Asked on Oct 17, 2017

How can I eliminate the effects of third-hand smoke?



Unknown to us, a tenant smoked heavily for a number of years in the room he rented from us. His life was saved when an ambulance rushed him to the ER, but now we are left with walls impregnated with the chemicals of third-hand smoke. After weeks of airing out, the smell is gone, but the walls remain tinted a nicotine-brown and may still be dangerous.

Research on the internet confirms that this is a danger, but has not yielded a method of eliminating the effects.

Any advice will be appreciated.

Thank you.

6 answers
  • Andrew Bounader
    on Oct 17, 2017

    Hi Mirozen2,
    You have a real dilemma, there are ways to remove the bulk of the smoke stains by washing / scrubbing all the walls, ceilings and trim with sugarsoap paint prep, wear gloves and a mask, prior to sealing the walls with a stain blocking sealer such as zinsser. Then a couple of good quality finish coats of ceiling, wall and trim over the top of that will prevent the chemicals leaching through.
  • Ebbjdl
    on Oct 17, 2017

    Start buy wiping down the wall with some mild dish soap diluted with warm water, rinse the walls . completely 2 days, let the house warmth dry them, don't open windows, it will bring in moisture. Wash the wood work with Murphy's oil soap, follow the directions on the bottle, let dry completely. Paint with a latex flat, preferably white or beige. Let dry, then paint the color you want. No primer is needed, don't get one already in the paint. I recommend Glidden, penetrates well.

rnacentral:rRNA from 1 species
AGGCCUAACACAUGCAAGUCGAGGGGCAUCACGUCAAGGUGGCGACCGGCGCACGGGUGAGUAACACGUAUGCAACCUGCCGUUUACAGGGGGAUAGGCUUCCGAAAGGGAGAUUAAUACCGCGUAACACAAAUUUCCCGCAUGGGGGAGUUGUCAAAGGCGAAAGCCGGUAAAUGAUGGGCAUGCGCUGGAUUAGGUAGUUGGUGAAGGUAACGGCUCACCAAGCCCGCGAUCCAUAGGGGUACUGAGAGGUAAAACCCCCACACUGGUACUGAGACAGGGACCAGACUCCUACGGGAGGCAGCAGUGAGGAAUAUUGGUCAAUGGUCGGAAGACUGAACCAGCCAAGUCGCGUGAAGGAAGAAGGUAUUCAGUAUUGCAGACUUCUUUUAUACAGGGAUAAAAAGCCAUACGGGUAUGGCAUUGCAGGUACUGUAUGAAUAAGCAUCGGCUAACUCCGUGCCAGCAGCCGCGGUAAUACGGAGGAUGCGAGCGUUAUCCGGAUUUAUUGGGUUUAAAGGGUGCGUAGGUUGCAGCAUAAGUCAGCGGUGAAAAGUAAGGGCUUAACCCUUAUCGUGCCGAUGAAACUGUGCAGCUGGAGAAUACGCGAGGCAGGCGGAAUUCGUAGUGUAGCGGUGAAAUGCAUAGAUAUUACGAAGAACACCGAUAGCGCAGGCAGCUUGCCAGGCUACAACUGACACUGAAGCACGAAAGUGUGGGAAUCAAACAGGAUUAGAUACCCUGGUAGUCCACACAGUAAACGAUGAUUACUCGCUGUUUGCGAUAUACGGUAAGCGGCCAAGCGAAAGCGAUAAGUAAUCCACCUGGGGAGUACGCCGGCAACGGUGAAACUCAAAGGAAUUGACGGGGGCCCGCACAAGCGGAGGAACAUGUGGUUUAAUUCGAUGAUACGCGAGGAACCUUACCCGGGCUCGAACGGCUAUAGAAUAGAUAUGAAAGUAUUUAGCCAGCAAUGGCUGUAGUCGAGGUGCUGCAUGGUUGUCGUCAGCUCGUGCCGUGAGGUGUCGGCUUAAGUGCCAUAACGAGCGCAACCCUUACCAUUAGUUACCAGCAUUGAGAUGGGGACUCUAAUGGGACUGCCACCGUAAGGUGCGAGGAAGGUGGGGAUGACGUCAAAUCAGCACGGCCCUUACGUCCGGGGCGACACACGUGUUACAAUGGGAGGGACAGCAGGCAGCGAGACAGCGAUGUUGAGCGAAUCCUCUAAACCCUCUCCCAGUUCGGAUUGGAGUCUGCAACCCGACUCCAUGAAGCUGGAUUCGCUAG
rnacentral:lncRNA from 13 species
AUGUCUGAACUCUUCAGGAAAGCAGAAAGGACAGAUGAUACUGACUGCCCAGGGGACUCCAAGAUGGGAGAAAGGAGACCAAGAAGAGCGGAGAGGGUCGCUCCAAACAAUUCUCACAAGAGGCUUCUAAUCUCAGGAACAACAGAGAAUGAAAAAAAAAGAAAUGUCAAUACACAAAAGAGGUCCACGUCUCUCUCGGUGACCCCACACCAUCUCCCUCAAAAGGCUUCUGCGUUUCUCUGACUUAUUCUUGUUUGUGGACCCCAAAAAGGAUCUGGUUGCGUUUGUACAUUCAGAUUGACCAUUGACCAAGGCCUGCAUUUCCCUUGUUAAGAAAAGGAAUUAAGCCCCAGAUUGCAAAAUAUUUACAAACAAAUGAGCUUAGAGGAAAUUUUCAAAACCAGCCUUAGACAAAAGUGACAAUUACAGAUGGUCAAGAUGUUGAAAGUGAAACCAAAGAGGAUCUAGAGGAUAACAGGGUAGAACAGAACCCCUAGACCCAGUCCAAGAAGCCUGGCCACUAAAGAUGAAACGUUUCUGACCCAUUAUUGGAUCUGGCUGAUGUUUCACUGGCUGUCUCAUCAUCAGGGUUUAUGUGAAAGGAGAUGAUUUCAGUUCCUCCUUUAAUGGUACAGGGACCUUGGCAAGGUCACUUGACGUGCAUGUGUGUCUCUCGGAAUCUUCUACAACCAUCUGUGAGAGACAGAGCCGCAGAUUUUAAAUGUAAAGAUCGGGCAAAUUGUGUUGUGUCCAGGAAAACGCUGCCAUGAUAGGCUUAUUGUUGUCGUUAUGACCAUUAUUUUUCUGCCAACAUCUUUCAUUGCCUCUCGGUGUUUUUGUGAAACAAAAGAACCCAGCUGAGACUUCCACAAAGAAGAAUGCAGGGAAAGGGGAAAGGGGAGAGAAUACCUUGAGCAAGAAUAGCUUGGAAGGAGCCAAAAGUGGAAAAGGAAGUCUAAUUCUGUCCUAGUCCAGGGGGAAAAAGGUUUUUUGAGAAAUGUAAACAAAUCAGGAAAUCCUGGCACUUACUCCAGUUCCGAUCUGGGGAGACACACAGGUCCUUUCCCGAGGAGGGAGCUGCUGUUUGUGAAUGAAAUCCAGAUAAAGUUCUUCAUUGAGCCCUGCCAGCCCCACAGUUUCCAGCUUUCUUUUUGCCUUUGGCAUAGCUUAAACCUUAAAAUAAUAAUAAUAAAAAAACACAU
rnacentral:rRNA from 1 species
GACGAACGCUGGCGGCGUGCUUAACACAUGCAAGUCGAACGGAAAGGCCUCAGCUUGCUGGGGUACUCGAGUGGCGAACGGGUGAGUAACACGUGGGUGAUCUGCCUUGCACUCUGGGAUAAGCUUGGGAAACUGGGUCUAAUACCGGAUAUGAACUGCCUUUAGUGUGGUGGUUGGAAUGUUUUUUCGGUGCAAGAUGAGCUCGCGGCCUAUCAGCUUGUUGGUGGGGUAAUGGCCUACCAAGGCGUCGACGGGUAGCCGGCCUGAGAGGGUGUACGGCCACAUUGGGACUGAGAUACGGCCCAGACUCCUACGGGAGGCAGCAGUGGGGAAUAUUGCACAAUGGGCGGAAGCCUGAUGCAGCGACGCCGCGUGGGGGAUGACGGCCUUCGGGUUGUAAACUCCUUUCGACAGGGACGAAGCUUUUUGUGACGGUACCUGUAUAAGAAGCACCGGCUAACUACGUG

• DesertRose
    on Oct 17, 2017

    You need to wash any material such as curtains and bedding, if there are any in the room. Also the carpet would need a deep cleaning. The walls would have to be painted new and ceiling to rid the room of the odor. Any hard surface and closet would also need scrubbed with a deodorizer cleaner such as Simple Green to rid the room of the smoke. Good luck, you have a job ahead of you.
  • Fiddledd224
    on Oct 17, 2017

    If you have done everything possible, your only next step is to call a pro. A few years ago I had smoke damage in my house from a fireplace malfunction, and they came out and totally removed both the smoke and the insidious remnants that seeped into my walls. I definitely recommend this - it works.
  • Kim
    on Oct 17, 2017

    Mirizen2 is right. If you live in the US, sugarsoap is TSP. TSP cuts right through the smoke build up and preps your paint to be painted. Wearing gloves and a mask and Priming your walls with a stain blocking sealer are important as well.
    If this is a room in your house, you may want to wash down all of your walls. I know that is a huge job but smoke doesn’t just stay in the room of the smoker.

    I hope that helps
    : )
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